Assumptions (some hand-waving)

There are up to 5 billion human people available ( 5 x 10^9 )

The average mass of a person is 90 kg.

They are arranged however you wish so as to make the plan work. All feet must start at the same level - either ground level or they could all jump off a box up up to 1 m high.

Synchronised jumping can go on for up to 20 minutes.

There is a way of synchronising the jumping and everyone knows exactly what to do and when. (vigorous hand-waving!)

The planet is a sphere (or other plausible shape that makes the calculation easier).

The distribution of the jumpers can take any form and be anywhere in the opposite hemisphere to the palace.

The vibrations from the jumping, end up focused narrowly over a circular area of 10 km diameter or so, precisely where the palace is.

You may make any reasonable adjustments or idealisations to the size, and physical makeup of the planet that may be helpful.


The epicenter, epicentre or epicentrum in seismology is the point on the Earth's surface directly above a hypocenter or focus, the point where an earthquake or an underground explosion originates. https://en.wikipedia.org/wiki/Epicenter

I am hoping that the vibrations travelling through and/or around the world will coincide at a single point.

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    – L.Dutch
    Mar 5, 2019 at 4:52

3 Answers 3


I'm not sure if this is the answer you're looking for, but Michael from the channel Vsauce has made a video that i think perfectly fits your question (Including some other topics) which i'll link here: What if everyone jumped at once? Vsauce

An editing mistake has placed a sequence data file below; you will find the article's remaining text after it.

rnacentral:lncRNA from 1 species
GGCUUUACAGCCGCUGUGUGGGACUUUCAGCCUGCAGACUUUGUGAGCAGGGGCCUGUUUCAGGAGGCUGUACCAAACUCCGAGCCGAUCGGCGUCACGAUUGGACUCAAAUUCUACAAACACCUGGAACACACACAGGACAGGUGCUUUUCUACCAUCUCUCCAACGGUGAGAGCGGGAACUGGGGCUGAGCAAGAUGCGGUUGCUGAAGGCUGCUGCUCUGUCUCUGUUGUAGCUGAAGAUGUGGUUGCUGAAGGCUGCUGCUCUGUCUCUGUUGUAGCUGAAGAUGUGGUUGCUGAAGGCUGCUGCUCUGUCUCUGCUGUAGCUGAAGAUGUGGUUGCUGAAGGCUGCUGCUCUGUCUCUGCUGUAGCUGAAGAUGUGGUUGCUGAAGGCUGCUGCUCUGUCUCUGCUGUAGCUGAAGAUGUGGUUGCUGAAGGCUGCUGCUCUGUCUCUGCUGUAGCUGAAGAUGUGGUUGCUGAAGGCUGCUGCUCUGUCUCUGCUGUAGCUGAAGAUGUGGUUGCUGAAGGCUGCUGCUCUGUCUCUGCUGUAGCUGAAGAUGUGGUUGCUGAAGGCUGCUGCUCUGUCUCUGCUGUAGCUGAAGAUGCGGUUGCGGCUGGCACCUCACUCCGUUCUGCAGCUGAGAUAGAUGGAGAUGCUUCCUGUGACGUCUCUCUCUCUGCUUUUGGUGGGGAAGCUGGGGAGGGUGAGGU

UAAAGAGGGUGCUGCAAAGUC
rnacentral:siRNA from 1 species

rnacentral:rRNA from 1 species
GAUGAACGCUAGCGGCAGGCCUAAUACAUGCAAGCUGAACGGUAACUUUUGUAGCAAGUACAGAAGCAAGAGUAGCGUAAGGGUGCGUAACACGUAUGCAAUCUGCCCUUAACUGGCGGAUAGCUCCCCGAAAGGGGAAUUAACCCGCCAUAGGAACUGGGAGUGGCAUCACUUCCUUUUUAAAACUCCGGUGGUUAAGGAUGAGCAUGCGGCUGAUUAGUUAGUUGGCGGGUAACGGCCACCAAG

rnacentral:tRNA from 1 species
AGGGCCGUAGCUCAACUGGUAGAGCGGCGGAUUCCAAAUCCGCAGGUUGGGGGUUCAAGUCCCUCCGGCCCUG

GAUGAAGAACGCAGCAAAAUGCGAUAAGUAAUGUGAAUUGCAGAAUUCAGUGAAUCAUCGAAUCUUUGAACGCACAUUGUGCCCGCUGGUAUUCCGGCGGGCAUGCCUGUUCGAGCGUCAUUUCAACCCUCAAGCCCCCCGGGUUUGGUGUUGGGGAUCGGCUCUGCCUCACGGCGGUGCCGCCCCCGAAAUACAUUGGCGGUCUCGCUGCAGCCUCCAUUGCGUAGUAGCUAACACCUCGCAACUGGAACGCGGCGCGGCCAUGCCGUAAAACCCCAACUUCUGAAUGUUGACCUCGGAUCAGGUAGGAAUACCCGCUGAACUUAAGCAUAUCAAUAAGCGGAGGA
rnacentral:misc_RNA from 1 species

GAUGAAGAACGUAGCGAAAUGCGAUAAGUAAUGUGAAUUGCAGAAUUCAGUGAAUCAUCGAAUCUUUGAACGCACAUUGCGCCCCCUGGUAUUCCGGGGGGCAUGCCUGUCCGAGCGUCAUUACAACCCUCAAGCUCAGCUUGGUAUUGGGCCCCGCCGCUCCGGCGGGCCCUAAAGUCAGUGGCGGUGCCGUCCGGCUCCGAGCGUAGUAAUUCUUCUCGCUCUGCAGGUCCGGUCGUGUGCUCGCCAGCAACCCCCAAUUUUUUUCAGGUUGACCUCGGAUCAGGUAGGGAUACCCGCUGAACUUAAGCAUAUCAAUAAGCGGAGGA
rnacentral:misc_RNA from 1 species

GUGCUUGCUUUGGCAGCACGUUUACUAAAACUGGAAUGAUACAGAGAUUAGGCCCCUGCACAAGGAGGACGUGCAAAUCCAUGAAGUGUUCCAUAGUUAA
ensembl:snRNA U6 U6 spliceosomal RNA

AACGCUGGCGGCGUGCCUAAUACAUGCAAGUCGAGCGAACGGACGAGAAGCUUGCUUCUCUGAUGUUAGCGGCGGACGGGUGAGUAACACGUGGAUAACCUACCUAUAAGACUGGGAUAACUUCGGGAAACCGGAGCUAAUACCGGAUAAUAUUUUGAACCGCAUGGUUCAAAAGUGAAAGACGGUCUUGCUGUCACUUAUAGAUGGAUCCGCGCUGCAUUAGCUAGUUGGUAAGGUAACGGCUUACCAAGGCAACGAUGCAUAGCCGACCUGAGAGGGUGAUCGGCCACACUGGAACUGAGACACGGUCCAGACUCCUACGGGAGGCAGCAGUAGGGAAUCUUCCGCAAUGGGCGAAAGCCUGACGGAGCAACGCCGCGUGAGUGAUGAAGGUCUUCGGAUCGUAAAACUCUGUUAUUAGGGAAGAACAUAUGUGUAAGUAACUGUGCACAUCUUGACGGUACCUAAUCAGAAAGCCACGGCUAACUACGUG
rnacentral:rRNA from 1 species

Quoting the answer that ThisRandomGuy has given, and the video in question (which has all of the proof you could need) i think its fair to say that even if five billion people jumped at the same time in the same hemisphere - Same region, even - the effects would be negligible, considering the incredible mass of the planet; and as is cited in the video, you would need about 7 million times more people than are currently alive today to recreate the 2011 Japan earthquake that measured a 9.0 in the richter scale, but even then, that would be roughly 50 Quadrillion people, and the effects of such a feat would be mostly felt in the area of the jump, and definitely not reverberated through the world in such a way to cause any structure in the other side of the world to collapse.

I hope this has been helpfup!


I just realized that I had so much fun answering this question that I completely failed to answer this question. However, it's late and I did have fun answering it, so downvote/flag away.